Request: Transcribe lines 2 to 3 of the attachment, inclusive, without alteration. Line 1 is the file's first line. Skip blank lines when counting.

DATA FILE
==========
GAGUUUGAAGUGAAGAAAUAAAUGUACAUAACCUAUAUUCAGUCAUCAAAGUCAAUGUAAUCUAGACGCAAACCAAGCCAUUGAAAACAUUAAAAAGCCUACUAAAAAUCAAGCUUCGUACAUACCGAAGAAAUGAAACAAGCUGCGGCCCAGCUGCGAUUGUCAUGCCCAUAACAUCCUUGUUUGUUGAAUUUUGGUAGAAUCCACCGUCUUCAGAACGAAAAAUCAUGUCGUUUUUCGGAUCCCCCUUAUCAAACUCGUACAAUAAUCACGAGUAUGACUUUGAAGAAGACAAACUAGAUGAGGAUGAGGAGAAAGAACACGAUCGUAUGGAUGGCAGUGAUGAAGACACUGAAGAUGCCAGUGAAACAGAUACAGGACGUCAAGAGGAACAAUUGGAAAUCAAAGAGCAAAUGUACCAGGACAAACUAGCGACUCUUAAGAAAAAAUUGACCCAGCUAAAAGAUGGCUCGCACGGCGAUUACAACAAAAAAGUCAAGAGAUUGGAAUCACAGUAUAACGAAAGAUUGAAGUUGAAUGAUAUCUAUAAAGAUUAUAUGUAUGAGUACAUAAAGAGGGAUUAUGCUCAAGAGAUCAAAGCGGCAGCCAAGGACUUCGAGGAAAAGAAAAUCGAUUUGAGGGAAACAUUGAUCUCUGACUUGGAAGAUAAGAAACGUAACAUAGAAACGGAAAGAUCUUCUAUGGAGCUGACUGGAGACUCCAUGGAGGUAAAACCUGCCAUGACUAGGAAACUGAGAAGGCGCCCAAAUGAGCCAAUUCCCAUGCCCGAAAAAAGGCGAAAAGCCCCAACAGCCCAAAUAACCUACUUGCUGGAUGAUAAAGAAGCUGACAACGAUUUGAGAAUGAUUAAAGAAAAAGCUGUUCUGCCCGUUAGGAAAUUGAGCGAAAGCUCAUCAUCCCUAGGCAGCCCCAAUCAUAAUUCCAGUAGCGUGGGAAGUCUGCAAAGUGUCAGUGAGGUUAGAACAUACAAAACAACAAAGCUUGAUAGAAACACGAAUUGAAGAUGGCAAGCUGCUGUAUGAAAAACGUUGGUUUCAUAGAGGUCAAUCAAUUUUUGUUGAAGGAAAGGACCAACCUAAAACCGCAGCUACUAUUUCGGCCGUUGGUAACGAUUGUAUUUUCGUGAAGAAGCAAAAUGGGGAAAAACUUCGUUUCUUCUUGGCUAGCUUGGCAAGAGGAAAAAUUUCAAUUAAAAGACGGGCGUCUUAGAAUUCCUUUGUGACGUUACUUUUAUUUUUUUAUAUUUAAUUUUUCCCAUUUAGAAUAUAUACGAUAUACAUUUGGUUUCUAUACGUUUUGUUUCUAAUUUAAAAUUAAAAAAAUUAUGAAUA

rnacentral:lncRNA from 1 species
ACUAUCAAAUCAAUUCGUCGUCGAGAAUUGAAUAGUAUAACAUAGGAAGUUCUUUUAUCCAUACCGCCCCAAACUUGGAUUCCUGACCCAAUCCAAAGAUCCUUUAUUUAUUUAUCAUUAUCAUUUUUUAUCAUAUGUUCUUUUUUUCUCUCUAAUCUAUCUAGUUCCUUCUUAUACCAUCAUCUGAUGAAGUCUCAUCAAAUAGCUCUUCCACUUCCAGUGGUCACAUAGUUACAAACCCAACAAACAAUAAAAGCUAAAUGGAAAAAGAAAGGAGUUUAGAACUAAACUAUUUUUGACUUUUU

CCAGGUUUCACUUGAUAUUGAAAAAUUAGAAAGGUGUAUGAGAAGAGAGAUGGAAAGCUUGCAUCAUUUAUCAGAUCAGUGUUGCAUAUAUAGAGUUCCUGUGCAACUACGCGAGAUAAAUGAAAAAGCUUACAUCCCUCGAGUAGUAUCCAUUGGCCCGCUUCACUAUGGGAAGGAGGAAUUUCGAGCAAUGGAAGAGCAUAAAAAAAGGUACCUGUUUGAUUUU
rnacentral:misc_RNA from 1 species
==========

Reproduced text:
rnacentral:lncRNA from 1 species
ACUAUCAAAUCAAUUCGUCGUCGAGAAUUGAAUAGUAUAACAUAGGAAGUUCUUUUAUCCAUACCGCCCCAAACUUGGAUUCCUGACCCAAUCCAAAGAUCCUUUAUUUAUUUAUCAUUAUCAUUUUUUAUCAUAUGUUCUUUUUUUCUCUCUAAUCUAUCUAGUUCCUUCUUAUACCAUCAUCUGAUGAAGUCUCAUCAAAUAGCUCUUCCACUUCCAGUGGUCACAUAGUUACAAACCCAACAAACAAUAAAAGCUAAAUGGAAAAAGAAAGGAGUUUAGAACUAAACUAUUUUUGACUUUUU